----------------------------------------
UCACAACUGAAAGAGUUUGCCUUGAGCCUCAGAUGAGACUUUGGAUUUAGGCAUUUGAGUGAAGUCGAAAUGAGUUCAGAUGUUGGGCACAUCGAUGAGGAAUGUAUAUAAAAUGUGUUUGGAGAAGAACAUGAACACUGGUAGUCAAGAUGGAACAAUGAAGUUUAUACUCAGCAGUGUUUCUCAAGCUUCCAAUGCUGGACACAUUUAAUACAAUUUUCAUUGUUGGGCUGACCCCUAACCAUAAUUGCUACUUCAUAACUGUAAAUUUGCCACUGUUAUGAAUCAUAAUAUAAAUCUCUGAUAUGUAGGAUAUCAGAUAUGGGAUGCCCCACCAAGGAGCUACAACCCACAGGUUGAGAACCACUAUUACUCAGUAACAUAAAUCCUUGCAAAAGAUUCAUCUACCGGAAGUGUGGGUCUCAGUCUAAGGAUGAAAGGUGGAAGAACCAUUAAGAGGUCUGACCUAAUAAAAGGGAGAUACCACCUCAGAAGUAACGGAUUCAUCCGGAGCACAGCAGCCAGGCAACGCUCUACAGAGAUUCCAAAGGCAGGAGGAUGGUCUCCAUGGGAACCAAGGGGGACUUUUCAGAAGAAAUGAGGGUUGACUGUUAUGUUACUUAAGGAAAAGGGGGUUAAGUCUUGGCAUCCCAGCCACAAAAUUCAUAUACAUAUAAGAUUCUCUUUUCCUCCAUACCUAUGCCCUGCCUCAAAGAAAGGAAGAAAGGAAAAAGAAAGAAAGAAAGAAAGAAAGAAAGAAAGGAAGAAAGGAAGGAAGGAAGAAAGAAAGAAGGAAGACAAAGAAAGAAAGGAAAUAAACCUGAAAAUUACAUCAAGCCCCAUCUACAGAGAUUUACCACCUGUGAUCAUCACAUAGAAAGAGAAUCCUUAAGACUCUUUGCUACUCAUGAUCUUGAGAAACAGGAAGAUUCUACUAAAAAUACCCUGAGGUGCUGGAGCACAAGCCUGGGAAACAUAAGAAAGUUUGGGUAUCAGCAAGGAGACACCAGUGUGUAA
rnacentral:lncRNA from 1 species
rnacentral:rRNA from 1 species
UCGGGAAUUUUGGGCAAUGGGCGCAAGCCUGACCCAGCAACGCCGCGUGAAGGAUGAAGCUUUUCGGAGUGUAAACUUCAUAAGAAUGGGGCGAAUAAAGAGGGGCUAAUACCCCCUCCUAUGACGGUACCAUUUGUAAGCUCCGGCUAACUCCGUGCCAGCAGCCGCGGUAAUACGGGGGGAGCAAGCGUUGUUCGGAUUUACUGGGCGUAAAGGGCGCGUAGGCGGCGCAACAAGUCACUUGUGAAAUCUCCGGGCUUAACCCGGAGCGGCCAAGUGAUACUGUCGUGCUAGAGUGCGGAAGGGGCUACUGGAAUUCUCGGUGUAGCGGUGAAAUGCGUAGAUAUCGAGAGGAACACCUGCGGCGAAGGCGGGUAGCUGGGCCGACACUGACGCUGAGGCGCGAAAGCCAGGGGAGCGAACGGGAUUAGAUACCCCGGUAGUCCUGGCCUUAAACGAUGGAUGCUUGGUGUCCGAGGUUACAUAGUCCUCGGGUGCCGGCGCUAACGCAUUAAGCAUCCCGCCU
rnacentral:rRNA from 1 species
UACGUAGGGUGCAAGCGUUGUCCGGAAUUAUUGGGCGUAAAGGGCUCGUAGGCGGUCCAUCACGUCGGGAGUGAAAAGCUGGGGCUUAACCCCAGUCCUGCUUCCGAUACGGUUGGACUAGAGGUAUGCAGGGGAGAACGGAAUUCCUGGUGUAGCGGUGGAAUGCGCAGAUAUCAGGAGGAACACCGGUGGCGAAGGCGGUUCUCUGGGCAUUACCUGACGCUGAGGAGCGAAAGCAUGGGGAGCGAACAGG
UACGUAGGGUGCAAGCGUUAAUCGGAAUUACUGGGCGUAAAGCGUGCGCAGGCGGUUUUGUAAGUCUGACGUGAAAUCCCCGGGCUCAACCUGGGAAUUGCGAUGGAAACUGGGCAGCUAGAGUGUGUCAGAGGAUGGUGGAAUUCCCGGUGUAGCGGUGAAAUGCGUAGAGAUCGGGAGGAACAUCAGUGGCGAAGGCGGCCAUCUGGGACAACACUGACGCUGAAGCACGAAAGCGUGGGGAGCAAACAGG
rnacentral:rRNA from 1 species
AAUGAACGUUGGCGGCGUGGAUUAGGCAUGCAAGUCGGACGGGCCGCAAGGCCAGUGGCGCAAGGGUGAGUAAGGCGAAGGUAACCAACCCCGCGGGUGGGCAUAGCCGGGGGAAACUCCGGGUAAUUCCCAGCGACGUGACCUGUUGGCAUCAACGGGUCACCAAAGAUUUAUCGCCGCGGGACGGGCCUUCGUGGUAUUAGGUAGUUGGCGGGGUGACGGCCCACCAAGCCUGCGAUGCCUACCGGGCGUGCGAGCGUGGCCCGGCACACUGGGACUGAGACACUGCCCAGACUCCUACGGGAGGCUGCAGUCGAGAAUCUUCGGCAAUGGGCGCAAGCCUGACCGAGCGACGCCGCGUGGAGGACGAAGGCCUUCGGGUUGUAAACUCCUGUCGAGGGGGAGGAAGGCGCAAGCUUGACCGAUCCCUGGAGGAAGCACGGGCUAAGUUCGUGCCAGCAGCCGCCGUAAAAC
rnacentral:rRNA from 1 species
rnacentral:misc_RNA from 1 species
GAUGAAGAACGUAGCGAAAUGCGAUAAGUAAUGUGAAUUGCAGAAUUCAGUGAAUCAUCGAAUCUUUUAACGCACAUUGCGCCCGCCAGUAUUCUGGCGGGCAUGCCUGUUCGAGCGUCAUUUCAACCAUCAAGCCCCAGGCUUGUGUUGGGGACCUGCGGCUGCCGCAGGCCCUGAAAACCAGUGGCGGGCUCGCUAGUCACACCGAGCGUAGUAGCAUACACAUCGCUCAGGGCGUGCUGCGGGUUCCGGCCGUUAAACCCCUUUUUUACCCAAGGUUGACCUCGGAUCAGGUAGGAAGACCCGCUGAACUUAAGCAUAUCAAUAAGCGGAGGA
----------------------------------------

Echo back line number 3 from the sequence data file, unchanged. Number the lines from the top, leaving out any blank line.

rnacentral:rRNA from 1 species